Cooking the Books: Back to Basic

In a speech at Harvard University, Facebook founder Mark Zuckerberg called for everyone to be paid a basic income by the state, whether working or not (i paper, 27 May). This was one of the Green Party’s promises in the recent general election. The ‘Parti Socialiste’ candidate in the French presidential elections, Benoît Hamon, favoured it too. As has Italian Autonomist Toni Negri.

Its various advocates offer different reasons. Zuckerberg wants to give people some free time to think up new ideas. The Green Party wants a pilot scheme to see if it would be cheaper than current income support. Hamon saw it as an answer to the fall in paying demand caused by the growing unemployment which he anticipates robotisation will bring. Negri sees it as a demand around which all critics and victims of capitalism – the employed, the unemployed, women – can unite in a way they cannot around sectional trade union demands for higher wages.

All of them envisage it being introduced within the context of the capitalist economic system of production for sale on a market with a view to profit. And that’s the rub. It is all very well proposing reforms to capitalism involving the government spending more but, since governments produce nothing, where is the money to come from? In theory the government could simply print it but that would lead to Zimbabwe or Venezuela-style inflation. It would have to come from taxes, but even taxes on wages are ultimately passed on to employers. So the money would have to come out of their profits. But profits are what make the capitalist economic system go round. Less profit means less investment. There are limits to how much a government can increase taxes without provoking an economic slowdown or downturn.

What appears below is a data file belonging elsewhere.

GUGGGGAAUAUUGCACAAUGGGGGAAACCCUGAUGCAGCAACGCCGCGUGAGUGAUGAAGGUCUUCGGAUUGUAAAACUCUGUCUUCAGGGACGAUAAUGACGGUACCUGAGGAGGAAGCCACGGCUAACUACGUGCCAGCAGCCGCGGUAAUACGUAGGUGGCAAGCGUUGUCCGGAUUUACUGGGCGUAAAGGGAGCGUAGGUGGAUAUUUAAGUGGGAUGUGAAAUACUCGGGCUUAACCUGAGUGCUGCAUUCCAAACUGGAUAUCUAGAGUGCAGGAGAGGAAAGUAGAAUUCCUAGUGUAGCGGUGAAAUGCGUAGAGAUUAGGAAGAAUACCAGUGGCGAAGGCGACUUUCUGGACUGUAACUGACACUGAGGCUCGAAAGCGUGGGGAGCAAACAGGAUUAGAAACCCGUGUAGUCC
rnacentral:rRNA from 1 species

As if to answer Zuckerberg, the OECD, an intergovernmental organisation of the richest capitalist countries, published at the same time a study of the effect of introducing a basic income in four countries (Britain, France, Italy and Finland) on the assumption that taxes are not increased and that the amount of cash payments currently going to all those below retirement age were evenly divided among them.

The OECD concluded that the basic income that everyone would receive would be well below the poverty line (as the minimum to which governments at the moment guarantee to make up the income of the poor) in each of the four countries. It added: ‘Any basic income at “a socially and politically meaningful level” would require additional spending on benefits and therefore higher taxes to finance this’ (Times, 29 May).

If everyone below retirement age was paid only a basic income equal to their country’s poverty line, the OECD found that in Italy and Finland the government would actually pay less in total on payments to those under retirement age than it now does; which means that some of them would receive a drastic cut in their payments, in particular those who have taken early retirement. So much, then, for Negri’s suggestion that UBI is a demand that could unite all victims of capitalism.

The OECD report neglected one other drawback – that a basic income paid to those in work would amount to a wage subsidy for their employers. Wages tend to gravitate around a level that is enough to enable the workers to buy the things they need to maintain their particular working skills. If the government provided them with some of the money in the form of a basic income then the employers would no longer have to; wages would tend to sink by an amount equal to the basic income.

So, all in all, not even a desirable, let alone a practicable, reform.

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